Ginger-pumpkin muffins will forever be linked in my mind with the Toys R Us catalog.
You know, the one that comes out ages before you think about Christmas shopping. Uh, before Santa thinks about Christmas shopping. Or toy-making. Or whatever.
The catalog was tucked inside the paper Sunday morning, the same morning I made the muffins. My kids tore through the pages, circling toys to put on their lists for Santa.
Somewhere during this process my 5-year-old convinced herself that Santa will, of course, bring her everything she asks for. This includes the Baby Alive Woopsie Doo doll (it leaves surprises in its diaper) and a Power Wheels Lightening McQueen Super 6 (otherwise known as a toy car) that costs more than my monthly car payment.
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While they had the catalog spread out on the floor, I went about making the muffins.
I chose this recipe because it screamed fall. Ginger, pumpkin and brandy ... what could be better?
The muffins were good — very good — but a tad complicated. Mince the ginger. Soak the raisins. Sift the flower. Wisk the pumpkin.
I wonder if the sifting and whisking was really necessary, because everything gets blended together at the end.
Another thing about this recipe: It uses a lot of bowls and utensils. There's quite a bit of dish-washing to be done while the muffins are in the oven.
But, oh, the smell of the muffins while they are in the oven. It overtook the house. It was like Thanksgiving, only better. A little sweet, a little spicy. Yum.
That's what I think about the muffins, too. Incredibly moist, they had a strong but pleasant ginger flavor.
The raisins (I used golden raisins because I had some left after last month's rice pudding recipe) sank to the bottom, probably because the batter was so thin.
Still, I'd make them again. Maybe next year, when the kids are occupied with another edition of the Christmas catalog.
Bee staff writer Kerry McCray can be reached at email@example.com or 578-2358.
I added chopped pecans because we prefer a nutty crunch in our muffins. The muffins were very moist and fluffy, and were even better the second day. They reminded me of gingerbread.
For this many ingredients, steps and the cleanup, I hope the muffins are outstanding. I did have two substitutions. Instead of light molasses, I used ¼ cup dark molasses and ¼ cup light corn syrup. Also, for the pumpkin pie spice I used ½ teaspoon ground cinnamon plus ¼ teaspoon ground ginger plus ‹ teaspoon each ground cloves and ground nutmeg. That is from the substitutions guide from McCormick Spices. My mix made 20 muffins and they did stick a bit to the paper liners. I thought they turned out well, but my husband pronounced them great.
You had to use so many bowls to mix the ingredients. The muffins were heavy, not light. My family really didn't care for the taste.
Finally, a use for that crystallized ginger I purchased for a long- since-lost scone recipe. My family and I liked the taste and texture of the crystallized ginger in the batter, where it's been slightly rehydrated by the brandy and other moist ingredients. On top of the muffins, however, it was a bit too strong. In the future, I'll use less ginger in the topping, and add some walnuts and a pinch of cinnamon to the brown sugar and make it more streusel-like. I want to try them with dried cranberries instead of raisins, too. I found that I used my ‹-cup (2 tablespoons) measure more in this recipe than ever before — it seemed like everything was "plus 2 tablespoons."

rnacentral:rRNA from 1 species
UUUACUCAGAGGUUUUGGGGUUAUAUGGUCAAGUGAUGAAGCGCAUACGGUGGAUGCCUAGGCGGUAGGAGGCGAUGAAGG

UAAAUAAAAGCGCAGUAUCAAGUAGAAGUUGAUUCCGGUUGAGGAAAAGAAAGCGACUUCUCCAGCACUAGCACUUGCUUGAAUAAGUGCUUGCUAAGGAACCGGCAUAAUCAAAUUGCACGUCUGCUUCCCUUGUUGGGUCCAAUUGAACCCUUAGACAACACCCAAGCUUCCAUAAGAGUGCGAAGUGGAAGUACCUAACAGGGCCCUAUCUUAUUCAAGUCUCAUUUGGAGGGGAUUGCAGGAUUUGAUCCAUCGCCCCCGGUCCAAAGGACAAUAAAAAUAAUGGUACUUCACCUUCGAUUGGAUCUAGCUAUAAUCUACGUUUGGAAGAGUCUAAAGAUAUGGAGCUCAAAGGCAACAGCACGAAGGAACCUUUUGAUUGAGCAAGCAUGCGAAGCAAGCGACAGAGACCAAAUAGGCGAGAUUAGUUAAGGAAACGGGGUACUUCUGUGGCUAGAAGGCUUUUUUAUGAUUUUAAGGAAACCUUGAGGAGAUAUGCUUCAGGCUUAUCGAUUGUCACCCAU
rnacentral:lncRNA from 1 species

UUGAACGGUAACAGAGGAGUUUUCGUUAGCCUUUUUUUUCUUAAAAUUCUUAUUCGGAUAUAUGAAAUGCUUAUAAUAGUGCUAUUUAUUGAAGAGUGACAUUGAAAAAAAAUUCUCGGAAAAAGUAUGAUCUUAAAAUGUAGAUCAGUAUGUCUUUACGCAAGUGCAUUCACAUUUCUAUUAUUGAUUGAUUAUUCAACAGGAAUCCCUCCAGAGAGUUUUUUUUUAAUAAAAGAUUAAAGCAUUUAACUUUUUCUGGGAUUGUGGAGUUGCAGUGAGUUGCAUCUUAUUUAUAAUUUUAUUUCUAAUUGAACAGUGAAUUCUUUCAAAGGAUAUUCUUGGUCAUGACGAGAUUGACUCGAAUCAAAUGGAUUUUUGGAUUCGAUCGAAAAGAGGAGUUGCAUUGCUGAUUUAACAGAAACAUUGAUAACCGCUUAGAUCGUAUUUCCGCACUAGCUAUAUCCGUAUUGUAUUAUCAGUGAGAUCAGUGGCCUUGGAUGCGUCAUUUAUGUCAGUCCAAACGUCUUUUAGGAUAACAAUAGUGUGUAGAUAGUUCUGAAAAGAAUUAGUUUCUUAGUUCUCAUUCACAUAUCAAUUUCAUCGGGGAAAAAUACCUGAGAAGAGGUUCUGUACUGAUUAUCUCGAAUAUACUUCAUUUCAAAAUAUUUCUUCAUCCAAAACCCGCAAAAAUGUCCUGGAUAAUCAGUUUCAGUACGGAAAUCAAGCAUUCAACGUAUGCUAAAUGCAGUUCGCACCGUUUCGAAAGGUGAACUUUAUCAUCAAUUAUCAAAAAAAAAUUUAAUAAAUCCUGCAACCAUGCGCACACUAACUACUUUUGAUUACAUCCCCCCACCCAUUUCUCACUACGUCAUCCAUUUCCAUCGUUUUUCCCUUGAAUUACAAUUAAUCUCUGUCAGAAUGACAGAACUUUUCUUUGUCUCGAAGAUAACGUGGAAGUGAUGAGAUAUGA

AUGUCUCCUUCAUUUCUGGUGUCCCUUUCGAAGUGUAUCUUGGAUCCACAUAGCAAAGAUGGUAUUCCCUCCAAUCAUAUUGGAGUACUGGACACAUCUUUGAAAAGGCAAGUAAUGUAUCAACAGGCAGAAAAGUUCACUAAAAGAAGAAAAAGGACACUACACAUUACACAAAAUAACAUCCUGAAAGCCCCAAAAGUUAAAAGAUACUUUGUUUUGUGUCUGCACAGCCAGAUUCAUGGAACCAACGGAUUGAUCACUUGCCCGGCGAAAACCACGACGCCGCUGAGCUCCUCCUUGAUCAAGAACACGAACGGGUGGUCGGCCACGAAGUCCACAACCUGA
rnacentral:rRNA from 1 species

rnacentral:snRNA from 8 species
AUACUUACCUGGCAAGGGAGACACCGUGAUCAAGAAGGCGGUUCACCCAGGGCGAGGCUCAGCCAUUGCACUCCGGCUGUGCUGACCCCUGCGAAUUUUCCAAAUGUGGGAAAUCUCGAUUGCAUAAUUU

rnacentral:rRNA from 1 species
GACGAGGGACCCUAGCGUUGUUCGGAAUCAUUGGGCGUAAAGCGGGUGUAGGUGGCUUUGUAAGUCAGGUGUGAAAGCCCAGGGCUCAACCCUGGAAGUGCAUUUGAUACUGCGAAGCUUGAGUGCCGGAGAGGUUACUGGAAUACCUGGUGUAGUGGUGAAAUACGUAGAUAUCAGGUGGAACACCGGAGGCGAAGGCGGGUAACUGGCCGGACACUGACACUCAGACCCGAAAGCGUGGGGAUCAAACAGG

Crystallized ginger was an ingredient I had never used and mincing it took some time; it kept sticking to the knife.
We liked the spiciness of this recipe, particularly the crystallized ginger in the muffins as well as the topping. This is a great muffin for a Thanksgiving breakfast.
I was excited to make these muffins as I thought they were very appropriate for the season. My mood changed as I was adding the molasses. In addition to them being fairly labor intensive, the dominant flavor was molasses and ginger and not ginger and pumpkin. I brought in a double batch for my colleagues to enjoy and the leftovers lingered for a few days.
Plan to spend many minutes just mincing crystallized ginger; the ginger clings to the knife blade. The rest of the recipe is relatively easy, especially if you gather together in bowls all the ingredients to be added (I used seven different bowls). The resulting muffins are delicious — moist, soft and piquant, with a bit of crispness in the topping. I used golden raisins in this batch (which, incidentally, filled 18 muffin cups), but I've resolved to use dried sweetened cranberries in the next batch. There will be a next batch nearer to Thanksgiving; the grandchildren will love them.
These muffins are a delicious alternative to pumpkin bread. The raisins add flavor and moistness and the ginger really gives them a kick. I made half without minced ginger and raisins, but those muffins didn't have near the character as the ones with the raisins and ginger. And I confess I used dark rum instead of brandy because I didn't want to buy a bottle just for 2 tablespoons (and I'm betting it didn't make a difference). These might be overpowering if you're not a fan of ginger, but I think they are great with a cup of coffee!